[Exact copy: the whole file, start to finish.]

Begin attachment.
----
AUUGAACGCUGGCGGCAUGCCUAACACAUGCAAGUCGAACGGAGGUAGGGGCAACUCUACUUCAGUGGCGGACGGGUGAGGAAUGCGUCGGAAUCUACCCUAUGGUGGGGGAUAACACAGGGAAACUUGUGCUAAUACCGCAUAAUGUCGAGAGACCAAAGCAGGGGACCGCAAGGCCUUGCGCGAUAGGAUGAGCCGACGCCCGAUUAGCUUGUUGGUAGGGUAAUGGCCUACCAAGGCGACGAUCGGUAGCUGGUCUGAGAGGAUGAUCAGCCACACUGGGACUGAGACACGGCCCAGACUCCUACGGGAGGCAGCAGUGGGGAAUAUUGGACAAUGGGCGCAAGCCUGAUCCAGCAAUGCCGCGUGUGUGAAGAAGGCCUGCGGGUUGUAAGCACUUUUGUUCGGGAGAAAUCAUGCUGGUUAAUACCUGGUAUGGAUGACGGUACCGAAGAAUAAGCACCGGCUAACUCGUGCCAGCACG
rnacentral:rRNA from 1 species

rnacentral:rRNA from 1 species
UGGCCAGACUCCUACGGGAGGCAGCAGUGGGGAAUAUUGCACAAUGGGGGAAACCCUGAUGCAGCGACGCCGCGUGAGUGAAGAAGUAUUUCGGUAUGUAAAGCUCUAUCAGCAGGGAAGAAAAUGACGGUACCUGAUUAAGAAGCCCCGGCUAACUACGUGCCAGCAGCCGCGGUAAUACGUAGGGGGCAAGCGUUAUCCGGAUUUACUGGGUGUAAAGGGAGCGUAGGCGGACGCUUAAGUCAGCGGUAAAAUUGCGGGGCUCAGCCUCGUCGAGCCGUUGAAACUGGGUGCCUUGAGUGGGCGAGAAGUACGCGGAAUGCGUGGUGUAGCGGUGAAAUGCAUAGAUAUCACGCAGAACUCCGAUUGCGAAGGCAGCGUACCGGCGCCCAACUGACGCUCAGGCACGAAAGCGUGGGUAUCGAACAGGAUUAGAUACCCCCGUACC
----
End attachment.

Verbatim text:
AUUGAACGCUGGCGGCAUGCCUAACACAUGCAAGUCGAACGGAGGUAGGGGCAACUCUACUUCAGUGGCGGACGGGUGAGGAAUGCGUCGGAAUCUACCCUAUGGUGGGGGAUAACACAGGGAAACUUGUGCUAAUACCGCAUAAUGUCGAGAGACCAAAGCAGGGGACCGCAAGGCCUUGCGCGAUAGGAUGAGCCGACGCCCGAUUAGCUUGUUGGUAGGGUAAUGGCCUACCAAGGCGACGAUCGGUAGCUGGUCUGAGAGGAUGAUCAGCCACACUGGGACUGAGACACGGCCCAGACUCCUACGGGAGGCAGCAGUGGGGAAUAUUGGACAAUGGGCGCAAGCCUGAUCCAGCAAUGCCGCGUGUGUGAAGAAGGCCUGCGGGUUGUAAGCACUUUUGUUCGGGAGAAAUCAUGCUGGUUAAUACCUGGUAUGGAUGACGGUACCGAAGAAUAAGCACCGGCUAACUCGUGCCAGCACG
rnacentral:rRNA from 1 species

rnacentral:rRNA from 1 species
UGGCCAGACUCCUACGGGAGGCAGCAGUGGGGAAUAUUGCACAAUGGGGGAAACCCUGAUGCAGCGACGCCGCGUGAGUGAAGAAGUAUUUCGGUAUGUAAAGCUCUAUCAGCAGGGAAGAAAAUGACGGUACCUGAUUAAGAAGCCCCGGCUAACUACGUGCCAGCAGCCGCGGUAAUACGUAGGGGGCAAGCGUUAUCCGGAUUUACUGGGUGUAAAGGGAGCGUAGGCGGACGCUUAAGUCAGCGGUAAAAUUGCGGGGCUCAGCCUCGUCGAGCCGUUGAAACUGGGUGCCUUGAGUGGGCGAGAAGUACGCGGAAUGCGUGGUGUAGCGGUGAAAUGCAUAGAUAUCACGCAGAACUCCGAUUGCGAAGGCAGCGUACCGGCGCCCAACUGACGCUCAGGCACGAAAGCGUGGGUAUCGAACAGGAUUAGAUACCCCCGUACC